'is ' . join " and ", @attrib;
  }

But I usually then redo this to show the same problem creating an Excel file with the same data. Most of you probably already know that the Universe runs on Excel. If you can programmatically create Excel files, you’re half way to controlling the Universe.

This still uses only what we cover in Learning Perl since we have a chapter on using modules, but there’s still a lot of fancy things I’m doing in there that I wouldn’t expect from someone in their first week with Perl.

Now the output is manager and executive friendly:

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The vertical tab now matches \s

Perl 5.18 added vertical tab (or LINE TABULATION in the UCS) to the characters that match the \s character class shortcut. It’s the one exception that made that shortcut different from the POSIX definition of whitespace. For the details, see my posts in The Effective Perler: The vertical tab is part of \s in Perl 5.18.

This means that a joke that I’ve used in almost 15 years of Perl teaching is going away. When I talked about \s, I’d quiz the class on how much whitespace is in ASCII. Most people can name three immediately and four if they think for a moment. Many people forget about form feeds, and only two people in all of my classes have ever mentioned the vertical tab. However, it was only after I wrote about the vertical tab in Know your character classes under different semantics that a student mentioned it. I’m destroying my own lines for a class by writing about this stuff!

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Why we teach the subroutine ampersand

In Learning Perl, we tell readers to use the & to prefix subroutine calls when we introduce the idea of reusable code. This doesn’t sit well with some programmers because it’s not how the experienced programmers work. The & does some magic, which we don’t mention in the book, and it’s a bit crufty for the Perl 5 programmer.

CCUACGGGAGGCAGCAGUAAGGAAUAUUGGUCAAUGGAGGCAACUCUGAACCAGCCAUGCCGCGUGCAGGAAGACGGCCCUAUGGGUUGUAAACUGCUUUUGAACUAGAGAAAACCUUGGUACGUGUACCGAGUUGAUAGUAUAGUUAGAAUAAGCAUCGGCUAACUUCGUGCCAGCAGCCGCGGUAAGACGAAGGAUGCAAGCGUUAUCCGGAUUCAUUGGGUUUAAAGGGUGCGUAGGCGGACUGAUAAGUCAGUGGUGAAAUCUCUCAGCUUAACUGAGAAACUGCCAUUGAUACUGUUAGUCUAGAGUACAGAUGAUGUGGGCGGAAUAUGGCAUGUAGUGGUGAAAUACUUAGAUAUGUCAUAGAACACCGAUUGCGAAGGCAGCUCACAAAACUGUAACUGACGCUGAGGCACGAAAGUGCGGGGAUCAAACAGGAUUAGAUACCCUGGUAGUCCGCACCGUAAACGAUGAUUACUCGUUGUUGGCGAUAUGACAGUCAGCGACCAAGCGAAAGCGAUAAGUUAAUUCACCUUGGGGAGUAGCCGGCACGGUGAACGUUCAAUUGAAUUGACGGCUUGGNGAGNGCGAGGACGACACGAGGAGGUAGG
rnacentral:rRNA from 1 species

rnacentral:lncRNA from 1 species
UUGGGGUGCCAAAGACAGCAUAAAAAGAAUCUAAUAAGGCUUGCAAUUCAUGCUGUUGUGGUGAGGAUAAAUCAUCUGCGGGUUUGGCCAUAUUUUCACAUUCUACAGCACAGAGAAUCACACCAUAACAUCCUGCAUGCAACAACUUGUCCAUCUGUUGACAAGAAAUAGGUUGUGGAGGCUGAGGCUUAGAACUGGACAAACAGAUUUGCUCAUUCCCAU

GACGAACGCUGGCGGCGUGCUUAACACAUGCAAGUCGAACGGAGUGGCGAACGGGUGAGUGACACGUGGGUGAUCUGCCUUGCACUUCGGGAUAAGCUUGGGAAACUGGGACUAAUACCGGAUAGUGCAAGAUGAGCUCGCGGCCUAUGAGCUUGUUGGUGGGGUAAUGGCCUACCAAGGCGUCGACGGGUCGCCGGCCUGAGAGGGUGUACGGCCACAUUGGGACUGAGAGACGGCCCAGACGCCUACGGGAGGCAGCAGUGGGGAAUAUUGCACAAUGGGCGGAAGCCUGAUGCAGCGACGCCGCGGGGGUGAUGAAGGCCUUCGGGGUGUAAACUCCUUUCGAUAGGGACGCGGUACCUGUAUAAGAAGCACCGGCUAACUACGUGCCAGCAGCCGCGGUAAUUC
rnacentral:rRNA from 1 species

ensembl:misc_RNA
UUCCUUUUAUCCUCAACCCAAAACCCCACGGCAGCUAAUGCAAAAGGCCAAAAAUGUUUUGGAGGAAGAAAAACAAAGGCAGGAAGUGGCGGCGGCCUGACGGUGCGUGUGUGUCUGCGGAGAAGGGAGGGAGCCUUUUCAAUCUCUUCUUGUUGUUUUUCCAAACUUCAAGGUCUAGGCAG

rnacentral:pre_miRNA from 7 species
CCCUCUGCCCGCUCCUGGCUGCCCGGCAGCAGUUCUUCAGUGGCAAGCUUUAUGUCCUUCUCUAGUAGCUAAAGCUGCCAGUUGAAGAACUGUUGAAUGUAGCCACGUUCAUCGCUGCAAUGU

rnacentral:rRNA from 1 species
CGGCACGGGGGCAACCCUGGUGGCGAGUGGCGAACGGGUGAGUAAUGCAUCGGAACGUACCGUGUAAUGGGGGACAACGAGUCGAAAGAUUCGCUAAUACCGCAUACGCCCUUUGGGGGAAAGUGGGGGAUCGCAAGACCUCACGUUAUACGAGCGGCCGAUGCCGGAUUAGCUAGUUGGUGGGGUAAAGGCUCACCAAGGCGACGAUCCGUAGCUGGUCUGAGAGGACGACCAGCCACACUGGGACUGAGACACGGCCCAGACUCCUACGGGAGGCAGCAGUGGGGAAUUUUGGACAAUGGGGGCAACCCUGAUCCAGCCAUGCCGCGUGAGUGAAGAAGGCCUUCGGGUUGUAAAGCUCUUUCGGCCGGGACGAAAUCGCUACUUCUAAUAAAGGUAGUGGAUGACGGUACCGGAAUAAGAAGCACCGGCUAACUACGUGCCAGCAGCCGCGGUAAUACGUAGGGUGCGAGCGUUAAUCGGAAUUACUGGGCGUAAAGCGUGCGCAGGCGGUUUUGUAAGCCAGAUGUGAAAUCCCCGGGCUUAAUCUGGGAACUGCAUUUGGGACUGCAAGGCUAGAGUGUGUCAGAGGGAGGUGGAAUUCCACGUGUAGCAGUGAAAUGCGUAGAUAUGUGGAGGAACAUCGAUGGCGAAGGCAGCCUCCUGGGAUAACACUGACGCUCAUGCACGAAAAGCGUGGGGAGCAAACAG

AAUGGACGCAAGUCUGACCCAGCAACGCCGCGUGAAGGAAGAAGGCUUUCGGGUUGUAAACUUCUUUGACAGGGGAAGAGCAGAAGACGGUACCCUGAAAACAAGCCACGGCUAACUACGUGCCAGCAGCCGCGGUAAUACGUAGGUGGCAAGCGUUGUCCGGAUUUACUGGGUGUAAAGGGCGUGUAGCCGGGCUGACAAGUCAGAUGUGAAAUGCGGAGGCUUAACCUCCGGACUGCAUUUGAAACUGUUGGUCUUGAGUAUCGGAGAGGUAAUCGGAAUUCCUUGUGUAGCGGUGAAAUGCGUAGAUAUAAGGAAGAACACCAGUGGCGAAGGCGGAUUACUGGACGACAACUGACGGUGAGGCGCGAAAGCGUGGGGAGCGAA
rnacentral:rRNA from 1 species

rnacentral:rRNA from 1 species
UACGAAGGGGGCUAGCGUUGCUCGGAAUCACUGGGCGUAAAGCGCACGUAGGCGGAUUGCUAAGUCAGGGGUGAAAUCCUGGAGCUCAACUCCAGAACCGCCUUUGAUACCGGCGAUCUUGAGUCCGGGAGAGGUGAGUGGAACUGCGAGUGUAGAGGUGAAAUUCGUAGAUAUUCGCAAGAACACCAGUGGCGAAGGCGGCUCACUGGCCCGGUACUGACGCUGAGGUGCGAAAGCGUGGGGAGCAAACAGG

But newbies don’t work like experienced programmers. In general, newbies in anything don’t work like experienced practitioners. Trying to make them work the same way from Day One dumps too much information on them. It’s information overload and task loading. People will absorb only so much during an hour lecture or the first reading of a chapter (and we say as much in the preface where we explain we will lie a little). Learning Perl is decidedly not a reference; we give the reader enough information (and hide enough information) that they can pick up the essential and salient points.

I love sigils. They save me time because I don’t have to know the list of keywords and special names to choose a name for my variable. I remember my first day with Python. I tried to use a variable named count, but it conflicted with something I had loaded. It wasn’t the fault of the language; it was my knowledge of the language. It’s why Perl has sigils.

That applies to subroutines in Perl too. Randal likes to use the example of log, a natural name for a user-defined subroutine that outputs some debugging or progress information.

#!/usr/bin/perl

log( "Hey there!" );

sub log {
    print "[LOG] @_\n";
    }

This program has an odd error message: